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AIC student debt research 2020

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28 July 2020

Coronavirus puts off a fifth of school leavers from further education.

A fifth (18%) of young people aged 16 to 24 who are not at university, and not planning to go, cite coronavirus as a factor, according to research from the Association of Investment Companies (AIC) conducted by Opinium. The most common reason stated for COVID-19 being a factor in their decision is that they would be concerned about paying fees due to the pandemic’s financial impact1, with parents from social grades C2DE being less likely to be able to help with the costs of university than better-off parents.

In the AIC’s survey, those planning to go to university are realistic about the costs, anticipating they will finish their course with average debt of £38,238. This closely matches the debt burden anticipated by students in their final year of university (£39,430), although the average parent is more optimistic (or naïve), expecting their children to leave university with debt of £23,905.

Just under a third (32%) of graduates finished university with, on average, £6,288 more debt than anticipated, whilst 58% graduated with debt in line with their expectations. Of those leaving with debt, nearly half (45%) do not think it will be cleared until they are over 50 and just 6% expect to clear it before they are 35. Only 2% of all those with student debt, including current students, think their family will help them with loan repayment.

More than £17 billion is loaned to students each year. The value of outstanding loans to students who have graduated at the end of March 2019 reached £121 billion, with the government forecasting that this will rise to around £450 billion by 20502.

Annabel Brodie-Smith, Communications Director of the Association of Investment Companies (AIC), said: “Regardless of high associated costs, going to university is still a key aspiration for many students and their parents. However, the average debt amongst graduates in 2018 was £36,0003 and parents are clearly underestimating just how big a loan their children will leave university with.

“It’s particularly worrying to see that a fifth of those not planning to attend university cite coronavirus as a reason, with the financial effects of the pandemic having an impact on students’ ambitions.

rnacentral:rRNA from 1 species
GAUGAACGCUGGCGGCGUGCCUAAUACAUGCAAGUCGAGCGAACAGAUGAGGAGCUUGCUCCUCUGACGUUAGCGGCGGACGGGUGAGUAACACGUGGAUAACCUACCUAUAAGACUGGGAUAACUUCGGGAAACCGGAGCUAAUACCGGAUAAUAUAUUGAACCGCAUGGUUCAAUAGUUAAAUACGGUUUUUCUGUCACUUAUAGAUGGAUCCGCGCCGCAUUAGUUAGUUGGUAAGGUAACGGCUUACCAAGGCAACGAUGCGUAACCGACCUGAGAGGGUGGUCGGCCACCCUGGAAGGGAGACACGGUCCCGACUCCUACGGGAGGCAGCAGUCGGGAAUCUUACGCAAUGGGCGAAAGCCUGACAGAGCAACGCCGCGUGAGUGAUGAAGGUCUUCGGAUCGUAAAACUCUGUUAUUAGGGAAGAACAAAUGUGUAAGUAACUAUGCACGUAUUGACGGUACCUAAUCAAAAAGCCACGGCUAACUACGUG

“Our research shows that parents consider helping with university costs to be their top financial priority for their children. Those with younger children, who have all-important time on their side, might consider harnessing some of the long-term growth potential of the stock market. Over the past 18 years, investing £50 a month in the average investment company would have grown into £30,389, covering most of a typical student’s debt on graduation.”

Coronavirus

COVID-19 has had an impact on current as well as prospective students. Over four-fifths (82%) of students currently at university stated that COVID-19 has made their time at university worse value for money. The top three reasons given were reduced teaching contact hours (68%), feeling less productive working from home (49%) and having a limited experience of the social aspects of university (41%). The overall proportion of current students who considered their time at university to be good value for money was 59%, compared to 55% among recent graduates.

Funding children’s futures

Two-thirds of parents (66%) are planning to help their children with university costs, but there is a big difference between parents from social grades ABC1, where 70% contribute or plan to contribute, and those from social grades C2DE, where the figure is 53%. There is also a regional divide, with parents from London (77%), Wales (75%) and Scotland (72%) being more likely to contribute financially than those from the South West (56%) and Yorkshire and Humberside (55%). Nearly two-fifths (39%) of parents stated that coronavirus has made it more difficult for them to support their children through university.

Parents are much more likely to use cash savings accounts for their children’s future than invest in the stock market. Some 62% of parents have used cash accounts, compared to 16% who have used investment companies and 12% who have invested in shares.

Will students ever pay back their debt?